This applies to businesses as well as people. The last I checked, the business community is also protected by the military, uses our roads and bridges to transport goods, and receives assistance when the unforeseen results in bad debts or bankruptcy. It is not a one way street, yet it appears that the influence the business community has on our tax laws belies the fact that businesses cannot exist with a work force, and that the American worker propels those businesses.
This does not mean that we don't need a thriving business community, or an environment that nurtures innovation and entrepreneurship. It means that there needs to be a cooperation between business and government to advance the middle class, period, because when the relationship between business and government becomes collusionary, then wealth stays in too few hands. It is the middle class that drives the economy by purchasing the goods and services that business provides. When the circle is broken and the middle class can no longer afford the products and services of the business community, various good intentioned but short term stimuli are employed which generally create bubbles, not unlike the dot.com bubble of the late 90's and the housing bubble of the early 2000's.
Which brings us to the crux of the problem, the belief that 6,8, 10% growth is necessary each and every year. This expectation, driven by the creation of the corporation which knows no allegiance to any country, let alone the people of that country, is the impetus behind the boom/bust cycle that has dominated our economic strategy for the past 40 years. Of course, it is natural to taste the fruits of a booming economy and want it to continue, but it is not natural for it to continue. There cannot be exponential growth for an extended period of time without artificial stimuli. And, ultimately, the boom or bust cycle only benefits the wealthy who can weather the bad times so as to come out even further ahead when the times improve again, as evidenced by the recovery of the past 6 years that has exacerbated income inequality.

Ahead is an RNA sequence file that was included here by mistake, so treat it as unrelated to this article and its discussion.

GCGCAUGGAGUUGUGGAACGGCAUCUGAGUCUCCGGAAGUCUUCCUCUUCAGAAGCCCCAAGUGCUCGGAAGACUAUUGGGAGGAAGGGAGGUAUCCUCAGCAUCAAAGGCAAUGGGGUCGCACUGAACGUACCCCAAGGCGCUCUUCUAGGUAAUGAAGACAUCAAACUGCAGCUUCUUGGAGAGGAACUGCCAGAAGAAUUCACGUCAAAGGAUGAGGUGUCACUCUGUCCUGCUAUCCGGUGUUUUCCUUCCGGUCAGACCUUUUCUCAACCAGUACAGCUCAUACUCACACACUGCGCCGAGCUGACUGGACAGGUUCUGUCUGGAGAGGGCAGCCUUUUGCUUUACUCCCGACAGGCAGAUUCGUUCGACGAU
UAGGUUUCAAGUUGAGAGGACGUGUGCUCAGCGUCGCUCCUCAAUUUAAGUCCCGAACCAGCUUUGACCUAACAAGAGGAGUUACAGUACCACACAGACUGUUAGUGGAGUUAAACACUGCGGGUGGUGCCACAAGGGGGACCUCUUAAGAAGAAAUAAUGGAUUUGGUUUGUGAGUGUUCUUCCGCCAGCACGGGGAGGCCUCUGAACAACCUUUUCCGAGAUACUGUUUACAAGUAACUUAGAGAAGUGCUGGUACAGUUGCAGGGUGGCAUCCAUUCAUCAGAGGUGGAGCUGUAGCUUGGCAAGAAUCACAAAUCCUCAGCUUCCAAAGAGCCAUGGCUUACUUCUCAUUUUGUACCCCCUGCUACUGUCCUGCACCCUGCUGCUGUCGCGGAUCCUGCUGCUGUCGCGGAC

There is a lot of frustration in America today with our political system. But I believe it is born out of an economic frustration that hard work is no longer rewarded with the chance at attaining the American dream. In accordance then with the bedrock belief in the necessity of a thriving middle class, I would encourage the business community, private and public, to provide a livable wage to all their employees, along with a basic healthcare insurance plan. I would prefer this to be done on a voluntary basis, despite the fact that it has been made very clear by certain sectors of our business community that any law requiring health care insurance will be sidetracked by some of our larger corporate employers to gain an advantage over their competitors, again, in search of bigger dividends for their stockholders. So, in the short run, I would encourage those businesses to provide wages and benefits that every American worker deserves, by requiring those employers who compensate their employees in a substandard way, to pay for the state and federal assistance these hard working Americans need to feed, clothe, and shelter their families.